It was quite the conversation, and a rare one at that. Often when working with hospice patients you talk about the weather, the horrible food and their favourite tv show, you rarely have the kind of aha moment as I experienced with Gary. After some time, I had to leave Gary’s room to finish my rounds and before I did so I made sure he had everything he needed and he was comfortable. He asked me when I would be back and I told him next week. In a very matter of fact voice, he said to me, “I won’t be here, but know that I love you!” I said to him, “I love you too and I wish you peace.” I’ve never said I love you to someone I barely know before, but the words came out without any awkwardness nor hesitance as I was speaking to the spirit of Gary and his spirit was infectious. True to Gary’s words, he was not there the following week; he died the following day of my previous week’s visit.
On my way home after my visit with Gary, I wondered if I could forgive abusers who robbed me of so much life and I was very inspired by his spirit. For a second I thought maybe he was a little delirious, but I knew this wasn’t true as the conversation was raw, honest, beautiful and I prayed that he had sincerely found his peace.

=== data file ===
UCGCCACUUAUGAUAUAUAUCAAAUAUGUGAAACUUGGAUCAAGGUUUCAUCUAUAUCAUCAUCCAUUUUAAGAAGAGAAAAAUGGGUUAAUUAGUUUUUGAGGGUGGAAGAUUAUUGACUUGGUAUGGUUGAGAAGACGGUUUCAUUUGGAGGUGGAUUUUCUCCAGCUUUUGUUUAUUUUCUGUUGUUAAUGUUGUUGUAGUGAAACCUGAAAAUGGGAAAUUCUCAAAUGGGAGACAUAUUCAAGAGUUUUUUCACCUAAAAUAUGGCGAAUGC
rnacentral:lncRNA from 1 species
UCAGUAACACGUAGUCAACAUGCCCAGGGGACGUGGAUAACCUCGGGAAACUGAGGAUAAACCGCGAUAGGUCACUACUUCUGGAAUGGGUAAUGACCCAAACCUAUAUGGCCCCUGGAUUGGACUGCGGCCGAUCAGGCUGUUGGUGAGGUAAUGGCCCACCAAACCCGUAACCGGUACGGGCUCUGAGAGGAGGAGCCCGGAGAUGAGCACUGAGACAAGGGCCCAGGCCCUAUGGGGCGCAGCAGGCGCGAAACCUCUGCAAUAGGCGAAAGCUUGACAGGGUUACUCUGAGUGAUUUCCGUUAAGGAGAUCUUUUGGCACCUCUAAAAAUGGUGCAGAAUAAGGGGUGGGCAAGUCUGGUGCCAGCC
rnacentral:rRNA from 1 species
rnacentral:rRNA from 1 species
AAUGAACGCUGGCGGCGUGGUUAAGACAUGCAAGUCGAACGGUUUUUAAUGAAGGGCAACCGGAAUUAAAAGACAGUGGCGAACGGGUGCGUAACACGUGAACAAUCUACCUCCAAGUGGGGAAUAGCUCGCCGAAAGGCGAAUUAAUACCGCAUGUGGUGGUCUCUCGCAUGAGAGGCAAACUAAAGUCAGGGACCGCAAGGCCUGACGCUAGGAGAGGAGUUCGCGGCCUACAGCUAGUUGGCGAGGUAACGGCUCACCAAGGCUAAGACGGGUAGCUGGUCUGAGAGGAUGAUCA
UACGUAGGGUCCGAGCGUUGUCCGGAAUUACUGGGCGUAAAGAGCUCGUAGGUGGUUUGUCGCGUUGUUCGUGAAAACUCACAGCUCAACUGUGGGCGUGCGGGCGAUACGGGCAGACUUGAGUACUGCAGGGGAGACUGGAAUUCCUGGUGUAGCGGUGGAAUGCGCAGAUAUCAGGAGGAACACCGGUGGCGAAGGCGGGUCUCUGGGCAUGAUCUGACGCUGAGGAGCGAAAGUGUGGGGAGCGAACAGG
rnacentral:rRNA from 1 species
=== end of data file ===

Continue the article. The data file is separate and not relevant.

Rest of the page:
Gary came to my mind this week as I have been struggling with the news of the 215 remains of children found on the residential school grounds in Kamloops, BC. The bodies were found in undocumented graves and this news has been a trigger for many people as the abuse in these schools went on for many years. With the announcement of this discovery, social media and newscasts have exploded with the horrible chilling stories and calling the situation genocide. The schools were federal government sanctioned schools with several churches running them from the ground. The children were forcibly taken from their homes and exposed to horrible abuses all in the name of God with the agenda to remove the “Indian from the child.” The churches involved were Roman Catholic, Anglican, United, Methodist and Presbyterian and their mandate was to deliver the federal government’s policy to strip indigenous children of their language, culture and identities. As a Catholic, I am greatly struggling with this and if I am to be honest, I have been struggling with this for a long time as the stories of the Residential School horror is not new and there have been countless clergy abuses in other communities and other countries.